Frequently Asked Questions


Q. What conditions are successfully treated with therapeutic massage?

A. Therapeutic massage can help a wide variety of conditions. Most of the conditions best suited for massage therapy are related to its direct physical effects to damaged muscles, tendons and ligaments or its hormonal effects on stress reduction.

Although massage therapists are not trained to diagnose, the beneficial effects of massage can be a valuable tool when used alone or paired with other treatment strategies.


Q. What Types of Pain Can Massage Help?

A. Massage can help any pain originating from muscle tension: example - head, back, neck, and shoulder pain all can benefit from massage. Releasing tightness and tension in muscles is the most obvious effect of a good massage.

Massage also is beneficial for relieving pain associated with arthritis, injuries, or even recent surgery.


Q. How does massage therapy help treating or controling pain?

A. One must alway remember that pain is a "symptom" or "clue" to potential underlying problems and the most important factor to consider prior receiving treatment for symptoms is to understand the cause of the pain.

There are number of ways massage may help in controlling pain related to injury to muscles, ligaments and tendons:

1. Massage confuses the body's pain signals.

Rubbing may interfere with pain signals' pathways to your brain, a process called the "gate control theory," according to experts. Pain impulses run toward the spinal cord and then up the cord and into the brain. It's only when they reach the brain that these impulses, are perceived as pain. When you rub, it sends other impulses along the same nerves. When all these impulses try to reach the brain through nerves, the nerves get clogged like a highway during morning rush hour. The result? Most of them won't reach the brain. And if the pain signals does not reach the brain, you won't feel pain. Thus massage works by 'closing the gate' that pain impulses have to pass through.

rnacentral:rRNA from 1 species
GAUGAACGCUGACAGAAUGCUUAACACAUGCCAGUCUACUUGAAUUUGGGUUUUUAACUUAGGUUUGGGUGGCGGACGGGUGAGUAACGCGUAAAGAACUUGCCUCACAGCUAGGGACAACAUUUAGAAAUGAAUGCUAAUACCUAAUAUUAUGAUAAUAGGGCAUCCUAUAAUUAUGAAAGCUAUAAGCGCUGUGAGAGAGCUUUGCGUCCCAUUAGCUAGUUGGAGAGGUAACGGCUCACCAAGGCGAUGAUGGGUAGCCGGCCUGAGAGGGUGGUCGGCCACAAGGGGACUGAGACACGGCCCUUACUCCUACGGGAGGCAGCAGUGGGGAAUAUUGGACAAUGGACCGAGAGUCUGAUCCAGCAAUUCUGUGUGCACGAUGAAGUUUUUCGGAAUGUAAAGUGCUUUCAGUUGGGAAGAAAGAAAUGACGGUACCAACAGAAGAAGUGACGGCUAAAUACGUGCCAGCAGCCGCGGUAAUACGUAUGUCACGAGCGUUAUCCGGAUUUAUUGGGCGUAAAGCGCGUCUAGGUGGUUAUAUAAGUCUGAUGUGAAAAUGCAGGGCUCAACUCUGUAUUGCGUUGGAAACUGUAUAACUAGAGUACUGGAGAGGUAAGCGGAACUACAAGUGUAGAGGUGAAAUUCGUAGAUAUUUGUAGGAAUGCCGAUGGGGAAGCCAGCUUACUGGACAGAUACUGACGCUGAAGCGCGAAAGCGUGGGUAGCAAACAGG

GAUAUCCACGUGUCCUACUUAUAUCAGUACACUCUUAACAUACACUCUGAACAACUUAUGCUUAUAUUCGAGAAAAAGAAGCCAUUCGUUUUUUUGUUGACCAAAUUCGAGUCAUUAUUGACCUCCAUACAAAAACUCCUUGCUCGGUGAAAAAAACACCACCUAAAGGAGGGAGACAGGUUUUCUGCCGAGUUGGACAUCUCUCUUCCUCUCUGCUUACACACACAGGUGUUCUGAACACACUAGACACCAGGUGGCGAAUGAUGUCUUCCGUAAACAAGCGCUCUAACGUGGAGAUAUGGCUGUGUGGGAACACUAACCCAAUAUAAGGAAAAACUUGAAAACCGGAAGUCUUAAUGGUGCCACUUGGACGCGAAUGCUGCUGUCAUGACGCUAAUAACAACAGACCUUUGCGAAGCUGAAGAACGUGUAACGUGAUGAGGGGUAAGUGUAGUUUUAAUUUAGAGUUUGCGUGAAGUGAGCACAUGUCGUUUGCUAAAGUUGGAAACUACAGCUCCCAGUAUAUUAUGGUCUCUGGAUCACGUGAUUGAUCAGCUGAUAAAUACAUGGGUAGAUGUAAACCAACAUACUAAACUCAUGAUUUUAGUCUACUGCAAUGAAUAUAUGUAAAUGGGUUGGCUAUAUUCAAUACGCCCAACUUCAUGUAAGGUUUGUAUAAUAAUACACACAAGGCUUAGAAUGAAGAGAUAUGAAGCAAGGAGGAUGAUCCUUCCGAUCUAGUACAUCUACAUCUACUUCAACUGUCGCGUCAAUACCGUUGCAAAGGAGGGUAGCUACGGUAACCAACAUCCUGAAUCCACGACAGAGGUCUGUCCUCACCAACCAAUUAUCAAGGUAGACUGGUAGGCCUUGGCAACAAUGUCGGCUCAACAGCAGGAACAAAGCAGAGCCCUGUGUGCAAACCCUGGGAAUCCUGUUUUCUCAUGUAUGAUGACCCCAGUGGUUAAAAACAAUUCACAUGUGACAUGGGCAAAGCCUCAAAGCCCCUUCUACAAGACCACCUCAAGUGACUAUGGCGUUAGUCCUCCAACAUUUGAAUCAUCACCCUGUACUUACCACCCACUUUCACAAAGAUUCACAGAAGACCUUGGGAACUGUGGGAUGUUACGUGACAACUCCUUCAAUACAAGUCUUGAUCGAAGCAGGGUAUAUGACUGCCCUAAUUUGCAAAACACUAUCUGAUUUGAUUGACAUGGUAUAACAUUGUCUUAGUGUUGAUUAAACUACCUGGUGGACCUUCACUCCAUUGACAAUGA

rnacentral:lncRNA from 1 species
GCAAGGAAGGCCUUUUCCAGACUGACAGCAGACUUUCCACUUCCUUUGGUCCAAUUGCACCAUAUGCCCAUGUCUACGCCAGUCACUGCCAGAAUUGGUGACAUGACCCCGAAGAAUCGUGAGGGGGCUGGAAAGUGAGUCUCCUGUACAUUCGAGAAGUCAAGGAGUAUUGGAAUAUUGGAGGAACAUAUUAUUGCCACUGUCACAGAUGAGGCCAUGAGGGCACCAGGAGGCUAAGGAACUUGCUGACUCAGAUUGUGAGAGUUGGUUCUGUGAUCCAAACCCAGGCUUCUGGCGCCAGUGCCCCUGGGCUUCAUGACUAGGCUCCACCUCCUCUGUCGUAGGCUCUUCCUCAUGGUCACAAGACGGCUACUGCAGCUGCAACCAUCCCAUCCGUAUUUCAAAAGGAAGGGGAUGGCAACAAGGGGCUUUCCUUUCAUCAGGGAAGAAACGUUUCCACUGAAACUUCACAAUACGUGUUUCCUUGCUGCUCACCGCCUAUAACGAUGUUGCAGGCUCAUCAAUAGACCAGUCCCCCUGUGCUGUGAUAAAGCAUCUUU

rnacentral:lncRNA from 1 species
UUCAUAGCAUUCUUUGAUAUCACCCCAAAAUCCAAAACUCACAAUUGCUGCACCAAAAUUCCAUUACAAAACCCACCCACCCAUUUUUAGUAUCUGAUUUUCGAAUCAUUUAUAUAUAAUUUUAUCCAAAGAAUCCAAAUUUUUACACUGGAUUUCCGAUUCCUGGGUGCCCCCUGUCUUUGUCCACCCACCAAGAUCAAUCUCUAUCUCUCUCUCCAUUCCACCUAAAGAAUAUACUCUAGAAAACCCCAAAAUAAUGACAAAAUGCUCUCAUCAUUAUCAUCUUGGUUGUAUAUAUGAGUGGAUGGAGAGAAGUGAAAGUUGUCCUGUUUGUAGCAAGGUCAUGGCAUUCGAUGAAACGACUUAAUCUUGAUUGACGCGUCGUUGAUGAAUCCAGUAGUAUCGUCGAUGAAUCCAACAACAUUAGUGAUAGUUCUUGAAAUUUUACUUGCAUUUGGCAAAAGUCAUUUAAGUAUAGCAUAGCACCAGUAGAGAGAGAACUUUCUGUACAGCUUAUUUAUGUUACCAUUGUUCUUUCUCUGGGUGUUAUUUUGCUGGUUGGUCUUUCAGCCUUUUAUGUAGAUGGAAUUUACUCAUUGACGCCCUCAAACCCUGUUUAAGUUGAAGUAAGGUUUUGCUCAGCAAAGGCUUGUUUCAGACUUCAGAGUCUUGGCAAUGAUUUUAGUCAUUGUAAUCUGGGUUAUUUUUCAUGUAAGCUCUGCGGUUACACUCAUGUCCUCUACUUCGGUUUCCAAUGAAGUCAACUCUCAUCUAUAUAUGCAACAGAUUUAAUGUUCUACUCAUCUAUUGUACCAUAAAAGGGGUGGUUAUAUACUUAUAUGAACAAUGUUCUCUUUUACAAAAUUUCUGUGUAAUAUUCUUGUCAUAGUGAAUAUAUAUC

2. Massage also calls up the body's natural painkillers.

It stimulates the release of endorphins, the morphine-like substances that the body manufactures, into the brain and nervous system.

3. Massage provides deep relaxation

It relieves muscle tension, spasm, and stiffness. All of these contribute to pain. Experts suggest that tense muscles are usually deprived of oxygen, because the tightness reduces blood circulation to the area. Massage improves blood circulation, bringing with it what the muscle needs-oxygen and other forms of nourishment. The muscle then relaxes, and pain decreases.

4. Massage relieves mental stress and anxiety.

Massage is providing the benefit by the therapeutic value of touching that helps a person in pain. Research shows that even touch lasting for less than 1 second has the ability to make people feel better. Obviously, an hour-long touch provided by massage has to make you feel good!


Q. How long does it take to get better?

A. Excellent question and should always be asked! There are many factors that must be considered to understand how long it will take to get better. Often these factors are overlooked and not identified and therefore when someone condition is not responding a quickly as they would like they often give up on treatment and go "shopping" for treatments or tend to continue with pain relieving medication to cover up the symptoms. Identification and understanding of contributing and complicating factors an important part of understanding how long it will take to get better.

If you are not responding to care, the massage therapists at Falling Waters will recommend incorporating a physician or other healthcare provider that can provide further evaluation.


Q. Is Massage Therapy covered by health insurance?

A. Yes. Many health insurance companies do provide massage therapy coverage. Feel free to contact our office so we can assist you in finding out your specific insurance coverage and answer any questions.


Q. What if my policy does not cover Massage Therapy?

A. Your health affects everything you do and everyone you know. It is your most valuable possession. Yet, each of us places a different value on our health. It’s convenient/helpful when an insurance company or third party helps pay the bill, however if your personal medical insurance plan does not cover massage therapy, Falling Waters has time of services cash discounts" that can make this service very affordable.


Q. Do I need a referral from my General Practitioner for Massage Therapy?

A. No. Although anyone can see a massage therapist, some medical insurance companies require a referral. Feel free to contact our office so we can assist you in finding out your specific insurance coverage and answer any questions.